SA author Michael Filloon wrote on the Bakken shale wells of QEP Resources (NYSE:QEP). He projected an EUR up to 2 million barrels of oil equivalent. I disagree with his calculation. Real production data does not support his conclusion. I pick the first well listed in his article, No. 16637, owned by EOG resources (NYSE:EOG), for a case study.
Modeling Shale Well Declines
Traditionally natural gas (NYSEARCA:UNG) producers use the classical Arps formula to model a conventional oil or gas well's production decline.
As I discovered, and as many people pointed out, the classical Arps formula is not suitable for projecting shale well's decline patterns, as shale wells decline much faster than the formula projects in the long term. Specifically the terminal decline of Arps formula approaches zero, and the cumulative production it projects approaches infinity with a b-factor larger than 1.0. That's problematic, as in the long term, shale wells should decline a terminal decline rate above zero.
Let's re-cap about the classical Arps formula and how I modified it:
I am happy to find out that even though most producers insist on using the classical Arps formula, QEP does use the SAME modified Arps formula with a terminal decline term introduced. In that sense they agree with my own modeling method. I congratulate management of QEP for being a little bit more honest than Chesapeake (NYSE:CHK) and Cabot Oil & Gas (NYSE:COG).
But even QEP used the same correct modified Arps formula as I do, and admitted a reasonable terminal decline rate, they still pushed for a set of parameters that gave a higher EUR (Estimated Ultimate Recovery) than what is realistically possible.
Modeling Bakken Well No. 16637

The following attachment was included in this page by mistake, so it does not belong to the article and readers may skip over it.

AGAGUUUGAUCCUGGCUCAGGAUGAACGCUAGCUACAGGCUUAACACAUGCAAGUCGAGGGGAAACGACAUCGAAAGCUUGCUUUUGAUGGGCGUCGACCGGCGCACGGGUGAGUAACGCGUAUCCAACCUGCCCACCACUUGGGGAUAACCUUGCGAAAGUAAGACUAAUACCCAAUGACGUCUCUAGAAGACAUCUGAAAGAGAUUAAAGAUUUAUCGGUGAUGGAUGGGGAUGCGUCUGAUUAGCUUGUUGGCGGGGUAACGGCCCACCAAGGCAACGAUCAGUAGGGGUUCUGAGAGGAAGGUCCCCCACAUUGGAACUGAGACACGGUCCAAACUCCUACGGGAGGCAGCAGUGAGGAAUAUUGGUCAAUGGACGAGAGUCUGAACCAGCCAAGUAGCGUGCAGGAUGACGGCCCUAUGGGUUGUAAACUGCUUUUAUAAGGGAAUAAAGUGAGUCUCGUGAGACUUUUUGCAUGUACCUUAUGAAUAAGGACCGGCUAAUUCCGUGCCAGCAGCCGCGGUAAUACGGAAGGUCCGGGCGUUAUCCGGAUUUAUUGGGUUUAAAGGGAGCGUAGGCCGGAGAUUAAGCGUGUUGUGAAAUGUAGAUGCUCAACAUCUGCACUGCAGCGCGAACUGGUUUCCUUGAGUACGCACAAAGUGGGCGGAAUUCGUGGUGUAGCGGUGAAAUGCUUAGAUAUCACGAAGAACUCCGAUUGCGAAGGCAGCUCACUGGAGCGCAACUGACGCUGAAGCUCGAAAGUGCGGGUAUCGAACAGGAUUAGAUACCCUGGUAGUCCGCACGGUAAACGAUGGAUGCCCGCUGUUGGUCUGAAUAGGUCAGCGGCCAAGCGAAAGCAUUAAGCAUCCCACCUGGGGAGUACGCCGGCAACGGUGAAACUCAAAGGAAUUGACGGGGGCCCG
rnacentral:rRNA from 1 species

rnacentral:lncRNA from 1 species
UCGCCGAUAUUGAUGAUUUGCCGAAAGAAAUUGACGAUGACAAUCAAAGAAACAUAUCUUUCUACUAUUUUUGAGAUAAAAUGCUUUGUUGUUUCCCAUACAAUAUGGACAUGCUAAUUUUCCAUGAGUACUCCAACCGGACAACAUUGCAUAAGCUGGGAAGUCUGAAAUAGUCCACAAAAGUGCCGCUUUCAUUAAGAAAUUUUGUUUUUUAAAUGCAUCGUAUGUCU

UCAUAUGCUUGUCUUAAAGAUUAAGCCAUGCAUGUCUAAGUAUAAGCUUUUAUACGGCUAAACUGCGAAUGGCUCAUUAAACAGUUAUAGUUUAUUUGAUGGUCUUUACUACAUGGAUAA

I extracted monthly production data from ND DMR web site. I did the calculation on a spreadsheet. Here are the comparisons. Note that both QEP and I used the same formula with four parameters: IP, D, b-factor and terminal decline rate Beta. I just disagree with QEP on what parameters provide the best fit. Here is QEP's model:
According to the chart, here are QEP's parameters, versus mine:
- QEP adopts IP = 724 BPD, D = 0.0035/day, B = 1.80 and Terminal decline rate Beta = 0.000228/day
- I adopt IP = 1250 BPD, D = 0.020/day, B = 1.80 and Terminal decline rate Beta = 0.000280/day.
Both QEP and I use the same b-factor of 1.80. I use slightly higher IP, slightly higher terminal decline rate beta. But the biggest difference is that QEP uses an extremely low initial decline rate, by the shale industry's standard. I think there is no justification for using such a low value of D. Shale wells decline extremely fast in the first few weeks. Other producer use a D ten times as higher.
As I said, I agree with QEP in the formula used, I disagree with them in the specific fitting parameters. Let's see who fit the data better:
It appears to me that my curve fit the actual production data much better. The QEP curve does not fit the well data very well.
My speculation is that they know that they need a flat curve to obtain a higher EUR value. The more flat the curve is, the higher EUR it will calculate. Thus they probably deliberately pull the IP down to a much lower starting point.
To compensate for a lower starting IP, they adopt a much smaller initial decline rate D, which makes the curve flatter.
Finally, to further flatten the curve, they tried to fit the artificial local peak of production, at April and May of 2008, which resulted from re-fracing operation (re-stimulation). I believe the cur should follow the non-disturbed natural decline trend, instead of following the artificial temporary boost of production, to be realistic.
The chart above shows that my curve following the real production down closely, while the QEP curve deviate on the higher side.